April 20, 2024


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CD review: Dexter Gordon Quartet – Vin Et Roses: Paris’73 – 2024: Video, CD cover

This previously unreleased live recording captures Dexter Gordon (1923–1990) in concert with perhaps his finest, and most consistent, rhythm section.

Pianist Kenny Drew, bassist Niels-Henning Ørsted Pedersen and drummer Albert “Tootie” Heath—the house band at Jazzhus in Copenhagen, where Gordon lived and played regularly for 14 years during the 1960s and ’70s—joined the towering tenor saxophonist for this performance at Tokyo’s Yubin Chokin Hall on Oct. 1, 1975. The well-seasoned group gets right down to business, kicking off the set with “Fried Bananas,” a signature Gordon original that was first recorded on his 1969 album More Power! The rest of the set includes two standards—“Days Of Wine And Roses” and “Misty”—plus the show closer, Billy Eckstine’s innuendo-rich “Jelly, Jelly,” the lyric of which Gordon sings, to the audience’s delight.

For some reason, Dexter Gordon doesn’t immediately leap to my mind when I think of A-list bop saxmen. He should. Our Man in Paris is all the evidence you need.

Gordon made a bunch of terrific records for Blue Note from 1961 to 1964. Some say Go! from 1962, with pianist Sonny Clark, is the best of the bunch, and I can’t really argue with that. But Our Man in Paris is every bit its equal, based largely on the strength of three songs and the presence of seminal bebop pianist Bud Powell.

As the title implies, Our Man in Paris was recorded in the City of Lights. It’s a simple bop quartet with Gordon on sax, Powell on piano, American Kenny Clarke on drums and Frenchman Pierre Michelot on bass. It’s a simple lineup, but powerful.

The album kicks off with a wild rendition of the Charlie Parker classic “Scrapple From the Apple.” Gordon is on fire, and Powell is sublime. This is no mere imitation. It’s full of original ideas and endless energy, using the Parker tune as a jumping-off point for inspired solos.

Next up is another jazz chestnut, “Willow Weep for Me.” It’s been recorded a million times by a million artists, and my favorite version is still Art Tatum on solo piano. But the Gordon-Powell version is a close second, full of smoky noir flavor and, again, clever soloing that makes this more than a mere blues.

A couple more standards follow: “Broadway,” which sounds suspiciously like Fats Waller’s “Lounging at the Waldorf,” and the ballad “Stairway to the Stars.”

And then the highlight of the CD, and the closer of the original LP, a fantastic, crazy, original take on Dizzy Gillespie’s “A Night in Tunisia,” perhaps my all-time favorite jazz composition. Again, it’s a tune that’s been covered by hundreds of jazz musicians—definitively by both Diz himself and Charlie Parker in the 1940s. This is a more modern interpretation, and Gordon is positively exuberant, blowing line after line after line of original ideas, followed by Powell with some nice noodling on the keyboard.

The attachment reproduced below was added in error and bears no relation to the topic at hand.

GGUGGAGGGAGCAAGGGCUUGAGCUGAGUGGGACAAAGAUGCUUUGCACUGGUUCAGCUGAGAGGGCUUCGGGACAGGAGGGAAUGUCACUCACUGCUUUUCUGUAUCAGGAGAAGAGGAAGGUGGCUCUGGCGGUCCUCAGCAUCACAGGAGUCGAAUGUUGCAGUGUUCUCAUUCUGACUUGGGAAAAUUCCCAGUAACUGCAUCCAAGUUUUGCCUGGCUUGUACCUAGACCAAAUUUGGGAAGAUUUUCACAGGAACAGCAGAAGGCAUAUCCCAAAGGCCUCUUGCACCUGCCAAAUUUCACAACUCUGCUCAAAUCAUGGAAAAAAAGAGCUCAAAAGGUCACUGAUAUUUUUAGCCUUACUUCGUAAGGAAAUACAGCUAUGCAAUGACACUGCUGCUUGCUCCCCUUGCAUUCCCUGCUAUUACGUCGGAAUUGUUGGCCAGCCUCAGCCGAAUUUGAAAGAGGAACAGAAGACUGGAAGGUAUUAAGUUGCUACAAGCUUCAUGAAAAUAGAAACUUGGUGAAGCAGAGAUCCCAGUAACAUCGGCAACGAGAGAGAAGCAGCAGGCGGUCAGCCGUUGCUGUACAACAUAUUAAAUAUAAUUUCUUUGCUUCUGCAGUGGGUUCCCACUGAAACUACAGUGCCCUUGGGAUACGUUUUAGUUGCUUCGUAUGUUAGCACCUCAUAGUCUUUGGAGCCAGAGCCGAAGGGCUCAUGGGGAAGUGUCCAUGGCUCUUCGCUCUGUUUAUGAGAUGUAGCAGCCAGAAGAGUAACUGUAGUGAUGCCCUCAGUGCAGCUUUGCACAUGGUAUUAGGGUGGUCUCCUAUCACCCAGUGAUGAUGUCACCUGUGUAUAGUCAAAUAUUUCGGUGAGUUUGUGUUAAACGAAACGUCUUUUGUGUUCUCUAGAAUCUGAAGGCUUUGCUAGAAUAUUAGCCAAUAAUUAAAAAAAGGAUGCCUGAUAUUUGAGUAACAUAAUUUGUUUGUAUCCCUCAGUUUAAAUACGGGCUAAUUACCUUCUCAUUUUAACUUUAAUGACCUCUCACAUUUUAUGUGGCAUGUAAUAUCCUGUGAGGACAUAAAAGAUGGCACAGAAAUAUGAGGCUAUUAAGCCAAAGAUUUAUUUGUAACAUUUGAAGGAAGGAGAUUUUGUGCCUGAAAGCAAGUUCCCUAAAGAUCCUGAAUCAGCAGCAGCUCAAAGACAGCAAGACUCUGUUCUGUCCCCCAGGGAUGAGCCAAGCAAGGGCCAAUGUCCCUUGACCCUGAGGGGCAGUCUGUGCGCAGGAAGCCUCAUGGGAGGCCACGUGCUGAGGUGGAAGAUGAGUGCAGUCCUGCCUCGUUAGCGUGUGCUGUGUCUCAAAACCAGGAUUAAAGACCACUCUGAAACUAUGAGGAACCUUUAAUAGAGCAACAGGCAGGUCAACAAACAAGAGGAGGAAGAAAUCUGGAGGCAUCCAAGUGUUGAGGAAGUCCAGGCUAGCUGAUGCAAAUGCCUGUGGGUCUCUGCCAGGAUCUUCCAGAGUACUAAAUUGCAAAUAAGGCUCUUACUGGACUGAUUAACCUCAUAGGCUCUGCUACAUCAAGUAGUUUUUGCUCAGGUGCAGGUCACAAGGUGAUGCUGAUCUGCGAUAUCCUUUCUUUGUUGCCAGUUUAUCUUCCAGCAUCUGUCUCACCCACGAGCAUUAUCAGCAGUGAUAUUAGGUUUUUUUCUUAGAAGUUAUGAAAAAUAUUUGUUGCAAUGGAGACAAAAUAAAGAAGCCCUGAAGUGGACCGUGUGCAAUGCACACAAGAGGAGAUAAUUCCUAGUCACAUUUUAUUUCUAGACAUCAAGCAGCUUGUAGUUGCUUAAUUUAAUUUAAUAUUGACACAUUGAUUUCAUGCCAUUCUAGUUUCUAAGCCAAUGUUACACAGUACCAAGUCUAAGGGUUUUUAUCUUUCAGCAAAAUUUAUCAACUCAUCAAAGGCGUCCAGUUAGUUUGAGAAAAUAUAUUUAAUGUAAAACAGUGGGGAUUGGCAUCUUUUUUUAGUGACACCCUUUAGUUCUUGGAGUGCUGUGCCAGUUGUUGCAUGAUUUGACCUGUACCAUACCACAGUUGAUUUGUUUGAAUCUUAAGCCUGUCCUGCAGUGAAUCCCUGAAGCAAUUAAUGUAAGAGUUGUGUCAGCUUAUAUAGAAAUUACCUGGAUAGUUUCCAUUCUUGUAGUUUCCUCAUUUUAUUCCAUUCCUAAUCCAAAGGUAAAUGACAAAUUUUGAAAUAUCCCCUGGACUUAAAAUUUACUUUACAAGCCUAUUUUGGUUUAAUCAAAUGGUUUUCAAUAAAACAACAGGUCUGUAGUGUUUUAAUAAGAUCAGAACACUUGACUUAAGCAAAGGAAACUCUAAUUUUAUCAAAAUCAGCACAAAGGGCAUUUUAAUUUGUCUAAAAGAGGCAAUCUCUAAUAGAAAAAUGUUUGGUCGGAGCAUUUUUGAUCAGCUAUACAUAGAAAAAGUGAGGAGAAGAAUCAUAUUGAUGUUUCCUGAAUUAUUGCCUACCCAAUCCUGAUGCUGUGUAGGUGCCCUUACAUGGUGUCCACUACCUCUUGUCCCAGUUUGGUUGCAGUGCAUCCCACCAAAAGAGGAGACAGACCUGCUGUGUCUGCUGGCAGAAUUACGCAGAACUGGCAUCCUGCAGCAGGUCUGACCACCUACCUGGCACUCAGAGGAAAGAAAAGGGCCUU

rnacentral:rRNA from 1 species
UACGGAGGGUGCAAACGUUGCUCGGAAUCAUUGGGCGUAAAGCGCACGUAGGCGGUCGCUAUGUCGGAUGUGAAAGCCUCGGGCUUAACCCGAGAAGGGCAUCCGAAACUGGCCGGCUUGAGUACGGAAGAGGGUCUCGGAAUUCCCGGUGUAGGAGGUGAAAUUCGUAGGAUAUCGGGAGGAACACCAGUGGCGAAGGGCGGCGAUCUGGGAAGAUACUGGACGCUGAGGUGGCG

The CD adds two more cuts to the LP, neither essential: a pleasant mid-tempo version of “Our Love is Here to Stay” and a sax-less take of “Like Someone in Love,” featuring Bud Powell sounding very un-Powell-like. No clever bop-istries here, just nice, unremarkable melodies.

Funny thing about Our Man in Paris. I’ve owned the record (and now the CD) for decades, but it’s not one I go to often. And yet once I do play the album, I wind up listening to it over and over. If it’s not in your collection, it should be. Gordon is one of the all-time best boppers, and Paris is arguably his best recording.

The tunes all run nice and long, thanks to a plenitude of meaty, extended improvisations from all onboard. Gordon is in top form, quote-happy as ever, peppering his swaggering hard-bop solos with well-placed bits of humor, huge dollops of blues and forever-clever turns of phrase. Pedersen’s breathtaking solo on “Days Of Wine And Roses” is a highlight, as is Drew’s flourishing ride on “Misty.” Bonus tracks on the album include a live 1973 performance of Thelonious Monk’s “Rhythm-A-Ning,” recorded in Holland with Norwegian Espen Rud on drums, and a live version of the standard “Old Folks” from a 1977 concert in New Haven, Connecticut, with Gordon’s “homecoming” band of pianist Ronnie Mathews, bassist Stafford James and drummer Louis Hayes. The sound quality of these live recordings can be spotty at times, but the brilliant content of the performances makes the entire album—available on CD and vinyl—a surprise treat for Gordon fans.

Am I alone in thinking there’s been a positive critical consensus when it comes to assessing “new” sets of material from some of the major figures in the music? I ask because if indeed this is the case there’s surely a risk of some pretty average music-making being elevated to a status it hardly justifies.

The musing in that opening paragraph came on while I was listening to this set, which after repeated listenings sounds like just another gig of a type that was obviously more common when giants walked this earth. So while Gordon’s always commanding tone is present and correct on the lengthy Wave the same can’t be said for his ideas. He coasts unremarkably in places, but when he doesn’t we get to hear a man going about his musical business with commitment and love.

1. Fried Bananas 10:59
2. Days Of Wine And Roses 9:53
3. Didn’t We 8:18
4. Some Other Blues 10:29
5. Jelly Jelly 12:17

Альбом «Vin Et Roses (Live)» — Dexter Gordon & Dexter Gordon Quartet —  Apple Music

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